Friday, July 06, 2007

Why AMP will not be Independents' day

Yes, we’re still waiting for the Final Regulation regarding Average Manufacturer Price (AMP) from CMS. Personally, I was hoping that it would be released on July 4 so I could write a blog post titled “CMS’ Declaration of AMP-dependence.”

In the meantime, let’s go to the Drug Channels mail bag. Here’s a question from an independent pharmacist:

“Hello Dr. Fein: As an independent retail pharmacy owner I'm getting a little anxious about the AMP situation and your blog isn't relieving my anxiety at all. Why do you think the impact of AMP will be greater on indies than on chains? … I'm trying to take a long view, "creative destruction" and all that, but I really would like to continue to serve my community for a while longer. I just hate to think I could be sitting here in 2 years wishing I had bailed out in 2007. What do you see in your crystal ball?”

Thanks for the question! Sorry about causing you anxiety.

Here are five reasons why I expect independents to be more vulnerable than chains to the AMP switch:
  1. The average independent gets 25% of their revenue from Medicaid (per NCPA) vs. 10% for the typical chain. In part, this reflects the fact that chains now dominate the relatively richer suburbs.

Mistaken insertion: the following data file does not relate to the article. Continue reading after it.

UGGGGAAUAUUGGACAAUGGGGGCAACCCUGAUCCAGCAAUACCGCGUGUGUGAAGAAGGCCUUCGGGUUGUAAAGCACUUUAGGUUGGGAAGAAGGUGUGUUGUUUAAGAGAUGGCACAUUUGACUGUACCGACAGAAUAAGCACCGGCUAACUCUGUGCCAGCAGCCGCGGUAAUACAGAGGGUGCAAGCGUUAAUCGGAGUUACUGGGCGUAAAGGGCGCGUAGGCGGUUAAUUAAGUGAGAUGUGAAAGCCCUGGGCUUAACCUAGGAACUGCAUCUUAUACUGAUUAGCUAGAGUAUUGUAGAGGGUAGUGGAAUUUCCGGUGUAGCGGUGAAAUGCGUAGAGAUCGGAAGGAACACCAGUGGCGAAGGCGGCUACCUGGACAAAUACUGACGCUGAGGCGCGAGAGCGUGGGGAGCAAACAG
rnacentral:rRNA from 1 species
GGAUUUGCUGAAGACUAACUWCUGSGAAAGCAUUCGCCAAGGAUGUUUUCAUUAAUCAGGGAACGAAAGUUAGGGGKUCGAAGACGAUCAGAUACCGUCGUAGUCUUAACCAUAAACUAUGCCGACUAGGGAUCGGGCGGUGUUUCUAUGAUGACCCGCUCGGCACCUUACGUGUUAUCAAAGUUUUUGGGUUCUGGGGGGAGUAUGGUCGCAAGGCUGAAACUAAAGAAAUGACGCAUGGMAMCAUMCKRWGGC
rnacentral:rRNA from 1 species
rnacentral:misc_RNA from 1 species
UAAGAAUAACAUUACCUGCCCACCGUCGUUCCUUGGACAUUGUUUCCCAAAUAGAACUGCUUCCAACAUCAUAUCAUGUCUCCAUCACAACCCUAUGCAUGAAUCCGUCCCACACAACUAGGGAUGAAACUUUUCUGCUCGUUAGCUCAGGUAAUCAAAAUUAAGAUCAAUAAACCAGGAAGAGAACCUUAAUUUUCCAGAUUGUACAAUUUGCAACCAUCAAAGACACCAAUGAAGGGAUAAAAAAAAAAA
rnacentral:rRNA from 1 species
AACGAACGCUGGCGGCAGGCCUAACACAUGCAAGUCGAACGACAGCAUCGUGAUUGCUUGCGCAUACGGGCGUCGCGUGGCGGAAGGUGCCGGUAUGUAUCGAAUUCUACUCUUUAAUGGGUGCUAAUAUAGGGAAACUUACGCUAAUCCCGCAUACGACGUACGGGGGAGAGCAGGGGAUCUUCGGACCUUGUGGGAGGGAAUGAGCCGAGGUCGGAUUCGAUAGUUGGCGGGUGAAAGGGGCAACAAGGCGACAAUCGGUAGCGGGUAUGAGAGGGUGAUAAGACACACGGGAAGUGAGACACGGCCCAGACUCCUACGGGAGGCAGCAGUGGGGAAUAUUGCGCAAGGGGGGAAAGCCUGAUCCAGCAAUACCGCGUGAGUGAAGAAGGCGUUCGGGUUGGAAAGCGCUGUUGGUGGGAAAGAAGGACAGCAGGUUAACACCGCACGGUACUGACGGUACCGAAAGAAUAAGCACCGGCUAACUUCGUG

2. A multi-location chain can minimize their exposure to any changes in AMP by selectively closing stores or modifying store hours in high Medicaid areas. In contrast, most independents have been in their location for a long time and have a loyal customer base -- moving the store is not really an option.
  3. Independents get 95%+ of their revenue from pharmacy, but the mix for pharmacy chains is 65-70%. The convenience store aspect of CVS/ Walgreens makes them less vulnerable here, too.
  4. Large chains and PBM/mail order buy generics directly, but independents buy through wholesalers. Thus, the 250% markup has to cover two channel margins (wholesale+retail) for independents.
  5. Since AMP is a computed average, it will decline as the large customers get better buys. In a List minus system, the company that buys at a lower price makes higher gross profits. But in an average cost plus model, the company that buys better also hurts everyone else by bringing down the average. (The impact of this last point will depend on the final definition.)
These points are highly relevant to me for assessing the industry-level outcomes. However, I can't advise any individual pharmacy because these points may or may not apply to your situation. YMMV.


I’ll update the blog whenever CMS gets back from the beach. Meanwhile, your friendly neighborhood pharmacy supply chain blogger will be waiting poolside since the Philly forecast calls for 95 degrees and high humidity.

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